Today marks the 50th Earth Day, a time to celebrate our amazing planet and encourage environmental protection.
Earth Day celebrations today may be more meaningful than ever, given the effects that #stayathome are having on all of us, globally and locally.
In all kinds of ways, you can explore the ecological changes Earth is experiencing.
Pollution has plummeted, giving the planet a breath of fresh air
Highway closures, factory shut downs and countless cancelled commutes have led to unprecedented drops in emissions.
March measurements reported pollution in Paris to be down by over 45%, LA by over 25% and Sydney nearly 30%.
Where Delhi’s Air Quality Index has been known to soar to life-threatening levels, it’s sunk to a fraction of that. Free from boat traffic, Venice’s canal has become incredibly clear. This image (credit: Tomskyhaha CC Wikicommons) is shows the change in pollution after 10 days of lockdown in Fanhe town in China.
We're noticing new horizons
In Jalandhar in Punjab, the residents are able to see the Dhauladhar mountains once shrouded by smog. The residents of Milan are waking up to views of the Italian Alps. In Los Angeles, the Hollywood sign and Catalina Island can be seen from a far greater distance.
City-dwellers can hear clear birdsong
Stay at home means less or no commuting and so city soundscapes have changed, with measurements showing a dramatic drop in decibels. Classic Journeys guides around the world are telling us how they can suddenly hear birdsong in locations they never have previously, including Susana in Lisbon: "In Portugal, we’ve seen a big change in just a few weeks. It’s like we have gone back in time to the old days when sound pollution wasn’t around and very few people walked the streets. We can hear the birds so clearly now as they sing to welcome in the spring!"
…while whale song is filling the oceans
Cruises have been cancelled and shipping traffic slashed.
Bioacoustic measurements are detecting far quieter waters, and the pollution of the oceans is lessening. Which is wonderful news for whales.
Whale song is clearer than ever with manmade noise no longer interrupting their communications.
Sightings have increased thanks to a lack of boat traffic deterring them from coastal areas. Researchers have measured a notable drop in their stress hormones.
More of us are stargazing
Stadiums are not lit up. There are fewer car headlights on the highways and fewer airplane trails striping the sky.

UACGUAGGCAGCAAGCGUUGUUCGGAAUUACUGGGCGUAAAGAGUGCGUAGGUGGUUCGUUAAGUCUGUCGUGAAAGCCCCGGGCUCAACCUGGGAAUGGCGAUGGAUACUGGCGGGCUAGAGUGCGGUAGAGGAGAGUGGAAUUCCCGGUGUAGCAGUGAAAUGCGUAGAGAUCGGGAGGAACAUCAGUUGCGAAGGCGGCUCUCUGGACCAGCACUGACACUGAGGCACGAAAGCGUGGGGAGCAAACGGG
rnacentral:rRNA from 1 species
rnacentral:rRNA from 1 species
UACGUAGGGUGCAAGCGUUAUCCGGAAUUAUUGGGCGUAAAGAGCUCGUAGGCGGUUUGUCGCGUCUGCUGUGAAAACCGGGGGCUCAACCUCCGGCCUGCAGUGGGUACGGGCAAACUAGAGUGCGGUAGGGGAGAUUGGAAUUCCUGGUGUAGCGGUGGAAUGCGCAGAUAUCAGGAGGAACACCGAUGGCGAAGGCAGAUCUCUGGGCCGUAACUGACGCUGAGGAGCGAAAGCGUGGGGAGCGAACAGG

As a result of clearer air and less light pollution, Parisians are seeing starry skies never experienced in decades. There are stunning images of the annual Lyrid meteor shower, and Britons have been watching the Starlink satellites, launched by Elon Musk’s SpaceX, as they cross the skies.
We have a whole new appreciation for natural spaces
As governments limit going outdoors, we’re appreciating the nature on our doorstep more than ever, exploring our local areas on daily walks, craving closed-down beaches and hiking trails and dreaming up a wish list of things to do and see when life returns to normal.
Animals are roaming free
Humans may be staying home, but wildlife is freely exploring.
In Wales, mountain goats have been wandering the streets. In Barcelona, it’s been wild boar. Deer have been spotted grazing in London housing estates and racoons roaming Central Park. Coyotes have been seen on the Golden Gate Bridge.
South Africa’s Kruger National Park tweeted this photo of lions, lazing on roads usually dominated by safari jeeps.
Even animals in captivity are getting a taste of freedom. Chicago’s Shedd Aquarium released its penguins to waddle around and meet fellow creatures.
Wildflowers are blooming
Where councils have left grassy areas unmown, bursts of brightly-colored flowers are emerging. With so much new pollen, honeybees are having a field day.
Bike sales are booming
With limited time to enjoy the great outdoors, people are taking to two wheels.
Work-from-home parents are using their lunch breaks to teach their toddlers to cycle.
People are discovering parts of their neighborhood they never knew existed.
We're taking care of one another
People are uniting, and the phrase ‘we’re all in this together’ is used more than ever.
Neighbors are looking out for each other, helping with shopping and dog walking.
Communities are supporting local businesses to help them stay open.
Italians have been leaning from balconies to join each other in song.
Households celebrate essential workers on the front line: flashing lights from apartments in built-up cities, putting up painted painting 'thank you' signs on fences and windows and stepping outdoors weekly applause.